Maryland officials expect to ask the Court of Appeals to reconsider a split decision in August that would weaken the regulation of the buffer zone around tidal waters, a key to efforts to improve water quality in the Chesapeake Bay.

The 4-3 ruling by the state’s highest court “has the potential to be the legal equivalent of Tropical Storm Agnes hitting the Chesapeake Bay,” said Martin Madden, chairman of the Critical Area Commission for the Chesapeake and Atlantic Coastal Bays. That storm caused major pollution problems throughout the Bay watershed in the summer of 1972.

“I anticipate that we are going to ask for a reconsideration,” Madden said. “Failing that, then of course we would have time to seek a legislative solution through the General Assembly in the upcoming session.”

The critical areas law, passed in 1984, gives state and local governments authority to regulate development in a 1,000-foot buffer zone around tidal waters.

“This is the most environmentally sensitive area of the Bay,” Madden said.

But in its recent ruling, the state’s highest court imposed new standards that environmentalists say would make it much harder to prevent construction in the buffer zone.

The ruling involved a hunting lodge and five other buildings constructed near a tributary of the Nanticoke River in Wicomico County. The majority opinion reversed a decision of the county’s zoning appeals board denying a permit for the development.

“Obviously, this has huge implications for the critical areas law,” said Denise Stranko, an attorney for the Chesapeake Bay Foundation.

Madden said the decision is a major change in administrative law, shifting the burden of proof from landowners to government officials.

“Normally, the petitioners have to prove that what they are doing is not going to be harmful to the environment” he said.

“You have a buffer area you cannot build on unless you get a variance,” Madden said. “What this decision could be construed to mean is that you have a right to a variance. That changes the precedent considerably.”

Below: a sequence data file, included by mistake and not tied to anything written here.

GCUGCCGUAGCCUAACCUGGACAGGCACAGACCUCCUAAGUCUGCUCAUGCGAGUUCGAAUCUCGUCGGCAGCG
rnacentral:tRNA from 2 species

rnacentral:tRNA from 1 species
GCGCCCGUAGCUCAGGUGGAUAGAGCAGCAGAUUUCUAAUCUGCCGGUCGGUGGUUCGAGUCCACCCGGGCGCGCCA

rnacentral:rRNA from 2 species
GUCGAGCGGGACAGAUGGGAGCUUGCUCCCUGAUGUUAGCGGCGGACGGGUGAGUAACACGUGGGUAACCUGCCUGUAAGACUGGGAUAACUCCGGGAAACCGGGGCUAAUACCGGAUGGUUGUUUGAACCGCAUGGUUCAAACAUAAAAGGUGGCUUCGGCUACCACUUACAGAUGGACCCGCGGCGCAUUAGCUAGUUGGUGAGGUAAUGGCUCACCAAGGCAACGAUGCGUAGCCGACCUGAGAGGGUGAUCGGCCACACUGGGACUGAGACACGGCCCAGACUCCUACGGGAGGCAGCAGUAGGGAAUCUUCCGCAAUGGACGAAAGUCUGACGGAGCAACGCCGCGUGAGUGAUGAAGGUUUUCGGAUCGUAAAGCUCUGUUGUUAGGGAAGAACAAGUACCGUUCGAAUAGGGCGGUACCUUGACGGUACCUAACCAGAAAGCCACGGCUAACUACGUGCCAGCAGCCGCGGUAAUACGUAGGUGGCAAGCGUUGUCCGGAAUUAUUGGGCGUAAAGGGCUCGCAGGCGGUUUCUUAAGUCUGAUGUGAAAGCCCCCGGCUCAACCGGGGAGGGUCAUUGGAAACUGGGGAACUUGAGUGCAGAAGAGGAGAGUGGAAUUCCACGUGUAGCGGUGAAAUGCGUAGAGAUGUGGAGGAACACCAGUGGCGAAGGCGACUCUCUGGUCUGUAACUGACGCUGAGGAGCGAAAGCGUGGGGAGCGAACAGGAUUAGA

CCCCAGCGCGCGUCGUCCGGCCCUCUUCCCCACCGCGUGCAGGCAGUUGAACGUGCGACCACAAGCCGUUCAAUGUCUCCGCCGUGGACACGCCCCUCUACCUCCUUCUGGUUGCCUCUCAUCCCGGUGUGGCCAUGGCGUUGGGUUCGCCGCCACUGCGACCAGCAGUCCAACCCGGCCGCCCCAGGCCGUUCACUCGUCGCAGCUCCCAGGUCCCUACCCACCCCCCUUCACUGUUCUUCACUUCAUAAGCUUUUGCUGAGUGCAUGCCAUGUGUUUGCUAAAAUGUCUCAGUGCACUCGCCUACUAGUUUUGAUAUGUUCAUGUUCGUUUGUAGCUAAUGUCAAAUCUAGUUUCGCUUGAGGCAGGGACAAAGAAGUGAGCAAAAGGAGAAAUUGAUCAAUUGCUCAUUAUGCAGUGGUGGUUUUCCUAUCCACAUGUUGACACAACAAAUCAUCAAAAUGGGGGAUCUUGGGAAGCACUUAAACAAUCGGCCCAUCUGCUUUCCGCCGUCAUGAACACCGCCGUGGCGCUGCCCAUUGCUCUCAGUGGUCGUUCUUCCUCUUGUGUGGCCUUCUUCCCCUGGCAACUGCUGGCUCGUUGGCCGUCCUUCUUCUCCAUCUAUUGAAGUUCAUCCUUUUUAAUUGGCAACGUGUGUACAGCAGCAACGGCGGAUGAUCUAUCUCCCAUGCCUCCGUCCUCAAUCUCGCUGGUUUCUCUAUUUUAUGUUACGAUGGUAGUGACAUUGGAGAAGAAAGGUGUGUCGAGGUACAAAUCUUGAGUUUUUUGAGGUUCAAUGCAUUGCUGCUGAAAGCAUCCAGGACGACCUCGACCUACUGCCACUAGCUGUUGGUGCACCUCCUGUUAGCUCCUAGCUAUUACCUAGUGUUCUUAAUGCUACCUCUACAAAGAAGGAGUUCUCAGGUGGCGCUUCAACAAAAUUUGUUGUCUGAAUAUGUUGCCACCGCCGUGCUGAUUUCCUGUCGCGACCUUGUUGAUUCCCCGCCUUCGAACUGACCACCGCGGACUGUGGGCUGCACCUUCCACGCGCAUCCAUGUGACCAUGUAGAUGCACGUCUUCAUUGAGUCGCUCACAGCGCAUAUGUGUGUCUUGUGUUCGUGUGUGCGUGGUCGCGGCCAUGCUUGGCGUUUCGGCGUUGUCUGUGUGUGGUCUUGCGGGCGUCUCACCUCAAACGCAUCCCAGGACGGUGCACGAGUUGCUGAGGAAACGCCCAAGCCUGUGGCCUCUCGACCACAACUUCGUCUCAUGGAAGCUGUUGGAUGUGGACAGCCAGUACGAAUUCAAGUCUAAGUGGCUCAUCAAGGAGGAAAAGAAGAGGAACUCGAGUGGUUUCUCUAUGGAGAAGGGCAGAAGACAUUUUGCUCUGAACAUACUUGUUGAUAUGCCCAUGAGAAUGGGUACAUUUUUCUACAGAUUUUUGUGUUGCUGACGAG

Madden said he will consult with the attorney general’s office about asking the court to reconsider its ruling. That would require persuading at least two of the four judges signing the majority opinion to agree to a rehearing and then requiring at least one to change his mind to reverse the decision.

If that failed, the only recourse would be to ask the legislature in January to pass a law overriding the ruling.
The decision was the fourth in a series of rulings weakening government control over critical areas. The legislature passed a law last year to restore much of the authority taken away by earlier court rulings.

Sen. Lowell Stoltzfus, the minority leader in the Maryland Senate, said the state has gone too far in regulating land use. He said he would oppose any efforts next year to try to overturn what he called “a reasonable ruling. “I think the court did the right thing,” he said.

While the case that was decided in August involved the buffer zone around tidal waters, Ren Serey, executive director of the critical areas commission, said the impact could go far beyond environmental law to cover all kinds of licensing and land use laws, “everything we do as a society.”